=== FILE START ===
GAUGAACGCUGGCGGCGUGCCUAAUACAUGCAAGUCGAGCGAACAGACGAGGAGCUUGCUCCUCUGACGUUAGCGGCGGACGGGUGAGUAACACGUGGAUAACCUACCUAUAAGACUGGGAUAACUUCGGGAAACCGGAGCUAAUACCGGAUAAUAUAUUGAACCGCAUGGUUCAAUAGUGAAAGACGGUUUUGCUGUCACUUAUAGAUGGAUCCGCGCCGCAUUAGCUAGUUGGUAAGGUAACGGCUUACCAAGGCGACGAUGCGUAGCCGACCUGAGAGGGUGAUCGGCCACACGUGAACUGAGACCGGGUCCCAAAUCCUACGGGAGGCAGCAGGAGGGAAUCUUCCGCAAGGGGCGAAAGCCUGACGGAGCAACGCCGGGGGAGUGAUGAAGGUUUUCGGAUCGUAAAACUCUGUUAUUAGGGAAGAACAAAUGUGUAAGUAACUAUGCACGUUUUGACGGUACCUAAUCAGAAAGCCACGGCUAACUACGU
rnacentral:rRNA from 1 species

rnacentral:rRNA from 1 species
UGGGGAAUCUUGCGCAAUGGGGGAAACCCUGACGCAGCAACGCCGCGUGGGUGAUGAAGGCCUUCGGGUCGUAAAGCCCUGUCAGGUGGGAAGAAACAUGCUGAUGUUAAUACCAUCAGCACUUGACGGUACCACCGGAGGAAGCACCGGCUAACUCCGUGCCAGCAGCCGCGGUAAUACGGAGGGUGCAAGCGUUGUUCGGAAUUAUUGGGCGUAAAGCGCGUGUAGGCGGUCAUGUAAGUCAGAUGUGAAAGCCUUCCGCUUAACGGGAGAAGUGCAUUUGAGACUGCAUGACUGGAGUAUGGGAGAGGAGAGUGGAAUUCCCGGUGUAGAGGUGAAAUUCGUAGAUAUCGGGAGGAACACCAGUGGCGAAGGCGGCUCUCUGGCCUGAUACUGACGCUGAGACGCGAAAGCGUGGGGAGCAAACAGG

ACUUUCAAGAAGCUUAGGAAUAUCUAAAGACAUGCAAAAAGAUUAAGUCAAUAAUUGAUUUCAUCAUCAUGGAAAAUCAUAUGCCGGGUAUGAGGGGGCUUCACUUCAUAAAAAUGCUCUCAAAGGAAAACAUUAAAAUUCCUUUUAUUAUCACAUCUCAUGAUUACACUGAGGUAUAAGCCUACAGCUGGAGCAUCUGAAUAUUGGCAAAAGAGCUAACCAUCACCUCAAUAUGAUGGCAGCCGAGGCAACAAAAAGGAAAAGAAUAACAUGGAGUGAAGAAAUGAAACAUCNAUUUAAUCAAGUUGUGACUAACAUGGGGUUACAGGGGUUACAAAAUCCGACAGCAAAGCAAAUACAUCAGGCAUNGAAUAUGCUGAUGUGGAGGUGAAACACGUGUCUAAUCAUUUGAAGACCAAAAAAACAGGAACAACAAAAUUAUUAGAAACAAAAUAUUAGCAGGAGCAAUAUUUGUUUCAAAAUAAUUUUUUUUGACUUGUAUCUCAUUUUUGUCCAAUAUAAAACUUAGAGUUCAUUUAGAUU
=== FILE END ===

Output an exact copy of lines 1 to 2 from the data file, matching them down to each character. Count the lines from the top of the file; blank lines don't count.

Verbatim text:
GAUGAACGCUGGCGGCGUGCCUAAUACAUGCAAGUCGAGCGAACAGACGAGGAGCUUGCUCCUCUGACGUUAGCGGCGGACGGGUGAGUAACACGUGGAUAACCUACCUAUAAGACUGGGAUAACUUCGGGAAACCGGAGCUAAUACCGGAUAAUAUAUUGAACCGCAUGGUUCAAUAGUGAAAGACGGUUUUGCUGUCACUUAUAGAUGGAUCCGCGCCGCAUUAGCUAGUUGGUAAGGUAACGGCUUACCAAGGCGACGAUGCGUAGCCGACCUGAGAGGGUGAUCGGCCACACGUGAACUGAGACCGGGUCCCAAAUCCUACGGGAGGCAGCAGGAGGGAAUCUUCCGCAAGGGGCGAAAGCCUGACGGAGCAACGCCGGGGGAGUGAUGAAGGUUUUCGGAUCGUAAAACUCUGUUAUUAGGGAAGAACAAAUGUGUAAGUAACUAUGCACGUUUUGACGGUACCUAAUCAGAAAGCCACGGCUAACUACGU
rnacentral:rRNA from 1 species